When used as part of existing protocols to assess brain health, clinicians are now armed with a technology that provides them with a reliable report to support their clinical findings, decision making, and treatment of a patient’s condition. The addition of VoxNeuro’s technology makes an immediate impact, as clinicians are no longer forced to leverage patient self-reported symptoms or subjective measures of other observable behaviours in order to diagnose an issue. Instead, they can now accurately measure the neurophysiological health of a patient’s brain.
Dr. Abdel Kaleel is a neurologist and the owner of HeadworX Neurology Clinic in Kitchener, Ontario, one of five sites across southern Ontario where VoxNeuro’s technology is currently available to patients.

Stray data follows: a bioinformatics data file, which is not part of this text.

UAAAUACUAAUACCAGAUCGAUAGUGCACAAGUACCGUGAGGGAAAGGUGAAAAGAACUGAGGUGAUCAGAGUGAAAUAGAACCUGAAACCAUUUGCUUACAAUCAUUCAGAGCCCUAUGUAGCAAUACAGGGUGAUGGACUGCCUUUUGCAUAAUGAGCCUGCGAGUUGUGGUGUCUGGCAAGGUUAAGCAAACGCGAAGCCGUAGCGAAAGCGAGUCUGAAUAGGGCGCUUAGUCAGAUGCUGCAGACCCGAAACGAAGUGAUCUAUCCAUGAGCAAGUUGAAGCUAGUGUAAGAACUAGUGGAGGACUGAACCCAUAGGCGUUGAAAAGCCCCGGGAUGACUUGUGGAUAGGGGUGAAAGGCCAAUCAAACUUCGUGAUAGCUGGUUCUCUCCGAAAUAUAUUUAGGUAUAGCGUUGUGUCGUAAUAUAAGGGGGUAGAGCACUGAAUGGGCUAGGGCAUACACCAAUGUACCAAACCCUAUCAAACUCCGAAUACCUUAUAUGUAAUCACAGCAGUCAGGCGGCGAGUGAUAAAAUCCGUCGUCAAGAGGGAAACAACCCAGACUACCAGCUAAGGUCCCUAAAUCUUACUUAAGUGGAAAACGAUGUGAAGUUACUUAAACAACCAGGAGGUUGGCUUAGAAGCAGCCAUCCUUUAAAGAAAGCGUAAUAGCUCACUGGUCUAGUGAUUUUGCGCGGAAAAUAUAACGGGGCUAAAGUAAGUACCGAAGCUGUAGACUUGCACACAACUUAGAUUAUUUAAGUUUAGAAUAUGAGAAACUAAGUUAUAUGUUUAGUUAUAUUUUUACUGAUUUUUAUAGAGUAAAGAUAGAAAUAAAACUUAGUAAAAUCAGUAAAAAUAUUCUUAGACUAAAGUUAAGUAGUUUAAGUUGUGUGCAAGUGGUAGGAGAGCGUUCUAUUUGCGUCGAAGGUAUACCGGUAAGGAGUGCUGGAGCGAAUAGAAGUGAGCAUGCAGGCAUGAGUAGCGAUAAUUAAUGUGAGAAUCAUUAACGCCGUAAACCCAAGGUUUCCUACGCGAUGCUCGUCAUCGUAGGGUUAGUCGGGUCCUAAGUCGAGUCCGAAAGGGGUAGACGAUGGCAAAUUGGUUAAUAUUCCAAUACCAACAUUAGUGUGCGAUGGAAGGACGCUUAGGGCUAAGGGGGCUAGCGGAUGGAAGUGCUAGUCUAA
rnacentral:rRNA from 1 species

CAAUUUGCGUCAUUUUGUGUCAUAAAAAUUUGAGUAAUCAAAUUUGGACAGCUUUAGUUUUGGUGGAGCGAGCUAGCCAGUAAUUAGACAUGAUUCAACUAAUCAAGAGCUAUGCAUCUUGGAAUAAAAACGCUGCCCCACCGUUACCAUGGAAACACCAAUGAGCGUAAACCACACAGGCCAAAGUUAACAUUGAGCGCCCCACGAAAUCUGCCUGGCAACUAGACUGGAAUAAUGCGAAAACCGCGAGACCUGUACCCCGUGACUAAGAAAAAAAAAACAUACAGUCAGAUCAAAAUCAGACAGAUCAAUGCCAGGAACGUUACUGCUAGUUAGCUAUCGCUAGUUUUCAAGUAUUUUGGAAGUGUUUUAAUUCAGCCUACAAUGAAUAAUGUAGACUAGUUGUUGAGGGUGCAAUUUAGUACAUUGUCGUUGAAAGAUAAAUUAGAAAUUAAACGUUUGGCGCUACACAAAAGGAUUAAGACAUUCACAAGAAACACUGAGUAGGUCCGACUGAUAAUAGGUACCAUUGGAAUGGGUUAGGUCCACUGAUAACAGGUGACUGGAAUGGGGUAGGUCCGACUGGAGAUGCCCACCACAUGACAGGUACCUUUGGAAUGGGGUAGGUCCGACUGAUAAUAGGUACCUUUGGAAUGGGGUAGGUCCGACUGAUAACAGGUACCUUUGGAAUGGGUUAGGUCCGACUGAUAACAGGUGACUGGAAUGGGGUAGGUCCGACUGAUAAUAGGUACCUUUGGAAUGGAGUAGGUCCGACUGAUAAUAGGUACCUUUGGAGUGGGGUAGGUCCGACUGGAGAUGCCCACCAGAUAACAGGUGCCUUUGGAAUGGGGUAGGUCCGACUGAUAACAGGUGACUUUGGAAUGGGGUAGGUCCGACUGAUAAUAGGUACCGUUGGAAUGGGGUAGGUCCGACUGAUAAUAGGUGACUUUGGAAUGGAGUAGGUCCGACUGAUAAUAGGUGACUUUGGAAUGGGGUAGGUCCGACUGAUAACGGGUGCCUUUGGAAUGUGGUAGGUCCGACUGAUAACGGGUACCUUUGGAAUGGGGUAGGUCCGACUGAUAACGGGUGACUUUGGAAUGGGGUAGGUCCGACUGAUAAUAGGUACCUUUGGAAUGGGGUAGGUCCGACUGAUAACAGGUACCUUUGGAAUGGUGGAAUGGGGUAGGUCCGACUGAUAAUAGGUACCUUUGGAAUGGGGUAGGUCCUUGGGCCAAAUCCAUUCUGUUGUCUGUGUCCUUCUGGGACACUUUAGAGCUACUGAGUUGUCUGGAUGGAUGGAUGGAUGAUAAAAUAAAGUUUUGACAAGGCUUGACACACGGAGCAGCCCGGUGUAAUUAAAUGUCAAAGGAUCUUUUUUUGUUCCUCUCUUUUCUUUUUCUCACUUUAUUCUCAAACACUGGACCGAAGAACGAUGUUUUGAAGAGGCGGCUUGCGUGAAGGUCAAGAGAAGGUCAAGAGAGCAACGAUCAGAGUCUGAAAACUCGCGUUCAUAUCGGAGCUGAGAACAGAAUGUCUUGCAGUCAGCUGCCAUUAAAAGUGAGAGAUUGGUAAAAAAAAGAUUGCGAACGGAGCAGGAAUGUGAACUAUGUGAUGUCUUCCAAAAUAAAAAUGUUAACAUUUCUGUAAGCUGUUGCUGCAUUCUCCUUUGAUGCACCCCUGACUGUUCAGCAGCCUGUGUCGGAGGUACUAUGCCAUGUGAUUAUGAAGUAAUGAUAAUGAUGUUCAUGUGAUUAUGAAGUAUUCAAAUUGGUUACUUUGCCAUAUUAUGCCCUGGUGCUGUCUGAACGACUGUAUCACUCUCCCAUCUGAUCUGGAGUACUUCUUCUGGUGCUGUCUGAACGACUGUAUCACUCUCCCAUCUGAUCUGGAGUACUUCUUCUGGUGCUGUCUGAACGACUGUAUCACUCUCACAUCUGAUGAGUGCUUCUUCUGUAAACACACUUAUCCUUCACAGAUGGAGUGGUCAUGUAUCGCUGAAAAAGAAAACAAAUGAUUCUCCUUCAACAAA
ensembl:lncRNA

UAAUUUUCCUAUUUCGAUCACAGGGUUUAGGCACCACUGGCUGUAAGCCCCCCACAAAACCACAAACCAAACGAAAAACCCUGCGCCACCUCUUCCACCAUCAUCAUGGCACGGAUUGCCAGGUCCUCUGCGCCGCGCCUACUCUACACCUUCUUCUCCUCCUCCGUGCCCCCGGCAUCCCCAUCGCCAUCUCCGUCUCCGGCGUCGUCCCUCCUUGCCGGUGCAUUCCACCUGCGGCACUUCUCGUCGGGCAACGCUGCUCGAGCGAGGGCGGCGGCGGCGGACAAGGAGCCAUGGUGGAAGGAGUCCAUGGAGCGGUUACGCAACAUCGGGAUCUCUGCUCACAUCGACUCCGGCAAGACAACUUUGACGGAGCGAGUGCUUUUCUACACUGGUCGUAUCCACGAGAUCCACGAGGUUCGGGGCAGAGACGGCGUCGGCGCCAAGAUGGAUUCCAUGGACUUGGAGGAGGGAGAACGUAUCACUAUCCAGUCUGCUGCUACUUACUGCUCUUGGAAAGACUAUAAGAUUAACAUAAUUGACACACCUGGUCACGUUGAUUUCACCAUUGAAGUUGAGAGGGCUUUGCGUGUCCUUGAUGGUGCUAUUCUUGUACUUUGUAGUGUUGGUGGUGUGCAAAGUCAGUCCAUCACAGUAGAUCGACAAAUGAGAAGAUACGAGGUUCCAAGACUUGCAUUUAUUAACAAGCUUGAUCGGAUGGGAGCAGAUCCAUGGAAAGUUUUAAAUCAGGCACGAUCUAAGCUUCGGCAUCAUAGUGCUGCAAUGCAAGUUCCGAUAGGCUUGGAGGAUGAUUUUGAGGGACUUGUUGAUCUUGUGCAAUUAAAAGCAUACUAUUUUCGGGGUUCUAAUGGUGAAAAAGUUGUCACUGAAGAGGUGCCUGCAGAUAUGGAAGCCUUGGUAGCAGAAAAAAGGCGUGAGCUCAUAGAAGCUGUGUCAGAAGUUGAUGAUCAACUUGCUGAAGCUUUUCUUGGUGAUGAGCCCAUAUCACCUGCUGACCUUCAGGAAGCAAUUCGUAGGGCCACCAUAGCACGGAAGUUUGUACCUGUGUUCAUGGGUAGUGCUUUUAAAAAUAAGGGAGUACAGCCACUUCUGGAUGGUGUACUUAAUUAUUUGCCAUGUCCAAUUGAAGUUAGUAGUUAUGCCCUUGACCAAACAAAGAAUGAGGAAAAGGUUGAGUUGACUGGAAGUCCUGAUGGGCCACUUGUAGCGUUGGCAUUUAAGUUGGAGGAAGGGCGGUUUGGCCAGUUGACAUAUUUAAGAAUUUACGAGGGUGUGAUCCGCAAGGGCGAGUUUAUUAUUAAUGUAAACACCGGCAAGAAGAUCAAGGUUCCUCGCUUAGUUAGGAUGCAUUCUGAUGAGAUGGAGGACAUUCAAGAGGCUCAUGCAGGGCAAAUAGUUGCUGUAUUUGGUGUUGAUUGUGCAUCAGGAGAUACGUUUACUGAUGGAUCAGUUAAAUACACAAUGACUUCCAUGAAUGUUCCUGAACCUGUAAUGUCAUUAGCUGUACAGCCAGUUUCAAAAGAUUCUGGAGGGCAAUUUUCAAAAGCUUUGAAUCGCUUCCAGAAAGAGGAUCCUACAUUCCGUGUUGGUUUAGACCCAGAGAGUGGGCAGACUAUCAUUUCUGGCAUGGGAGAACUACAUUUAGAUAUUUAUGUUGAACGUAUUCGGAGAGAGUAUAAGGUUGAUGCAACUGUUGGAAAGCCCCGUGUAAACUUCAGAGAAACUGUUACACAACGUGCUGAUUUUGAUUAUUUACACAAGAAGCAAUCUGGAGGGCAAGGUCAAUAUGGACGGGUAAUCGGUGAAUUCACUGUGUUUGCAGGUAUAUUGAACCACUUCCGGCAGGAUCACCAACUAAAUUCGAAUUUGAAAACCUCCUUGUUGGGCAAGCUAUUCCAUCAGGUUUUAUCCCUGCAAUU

“VoxNeuro rounds out my practice very well and acts as an extension to our clinical exam, allowing us to develop a more realistic and complete picture of the patient’s road to recovery,” says Dr. Kaleel. “With the addition of VoxNeuro, our patients can feel very comfortable that we have the most current means of giving them a true understanding of their condition and a way to ensure their treatment is working.” He concludes, “With the objective data provided by VoxNeuro, we will be better able to determine if a patient’s cognitive concerns warrant further investigations or management options.”